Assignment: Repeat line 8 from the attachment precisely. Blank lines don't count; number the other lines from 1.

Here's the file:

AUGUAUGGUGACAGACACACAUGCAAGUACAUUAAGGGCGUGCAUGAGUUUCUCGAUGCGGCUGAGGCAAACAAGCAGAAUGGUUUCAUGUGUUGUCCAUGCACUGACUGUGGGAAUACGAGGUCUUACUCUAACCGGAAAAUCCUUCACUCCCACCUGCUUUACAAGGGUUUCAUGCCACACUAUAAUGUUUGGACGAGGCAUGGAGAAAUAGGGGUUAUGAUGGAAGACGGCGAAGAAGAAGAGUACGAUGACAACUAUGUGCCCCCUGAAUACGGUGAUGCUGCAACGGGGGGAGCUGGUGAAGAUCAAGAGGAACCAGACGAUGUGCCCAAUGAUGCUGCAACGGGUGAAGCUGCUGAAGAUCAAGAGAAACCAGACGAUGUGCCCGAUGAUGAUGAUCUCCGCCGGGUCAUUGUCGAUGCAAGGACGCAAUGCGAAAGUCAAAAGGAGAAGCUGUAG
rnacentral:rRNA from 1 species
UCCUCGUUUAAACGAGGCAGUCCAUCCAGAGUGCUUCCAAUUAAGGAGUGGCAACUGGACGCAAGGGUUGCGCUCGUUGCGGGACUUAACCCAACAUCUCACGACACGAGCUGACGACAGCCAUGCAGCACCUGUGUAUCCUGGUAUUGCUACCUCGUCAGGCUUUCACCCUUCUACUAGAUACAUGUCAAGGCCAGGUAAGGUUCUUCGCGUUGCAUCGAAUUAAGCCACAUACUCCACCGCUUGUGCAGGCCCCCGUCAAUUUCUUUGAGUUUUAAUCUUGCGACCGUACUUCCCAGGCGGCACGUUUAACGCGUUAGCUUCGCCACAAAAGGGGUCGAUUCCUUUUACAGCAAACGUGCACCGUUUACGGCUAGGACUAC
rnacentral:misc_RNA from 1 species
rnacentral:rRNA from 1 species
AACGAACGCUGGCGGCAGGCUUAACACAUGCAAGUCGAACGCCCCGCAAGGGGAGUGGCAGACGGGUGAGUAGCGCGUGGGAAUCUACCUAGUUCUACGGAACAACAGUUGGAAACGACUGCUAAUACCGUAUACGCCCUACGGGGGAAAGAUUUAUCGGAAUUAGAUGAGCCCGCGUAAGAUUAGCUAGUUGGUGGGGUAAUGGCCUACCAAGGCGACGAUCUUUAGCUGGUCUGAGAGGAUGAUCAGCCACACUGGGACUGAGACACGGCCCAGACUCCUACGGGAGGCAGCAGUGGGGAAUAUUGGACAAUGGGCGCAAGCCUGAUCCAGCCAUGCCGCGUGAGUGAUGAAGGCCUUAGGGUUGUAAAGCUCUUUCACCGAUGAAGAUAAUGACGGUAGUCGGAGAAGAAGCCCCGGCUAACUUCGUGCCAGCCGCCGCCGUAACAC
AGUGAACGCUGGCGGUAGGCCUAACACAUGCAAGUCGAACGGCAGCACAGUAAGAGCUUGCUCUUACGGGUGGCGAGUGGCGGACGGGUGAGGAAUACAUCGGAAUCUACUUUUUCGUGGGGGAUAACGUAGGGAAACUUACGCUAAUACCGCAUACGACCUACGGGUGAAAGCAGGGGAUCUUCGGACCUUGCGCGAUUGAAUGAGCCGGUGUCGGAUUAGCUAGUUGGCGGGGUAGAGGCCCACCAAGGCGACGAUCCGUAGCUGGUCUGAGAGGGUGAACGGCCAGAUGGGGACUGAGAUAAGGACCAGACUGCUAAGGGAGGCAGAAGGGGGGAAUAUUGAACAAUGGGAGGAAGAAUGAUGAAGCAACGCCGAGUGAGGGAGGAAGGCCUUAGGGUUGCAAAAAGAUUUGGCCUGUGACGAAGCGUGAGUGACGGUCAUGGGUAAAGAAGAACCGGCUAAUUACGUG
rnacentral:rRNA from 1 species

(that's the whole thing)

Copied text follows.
rnacentral:rRNA from 1 species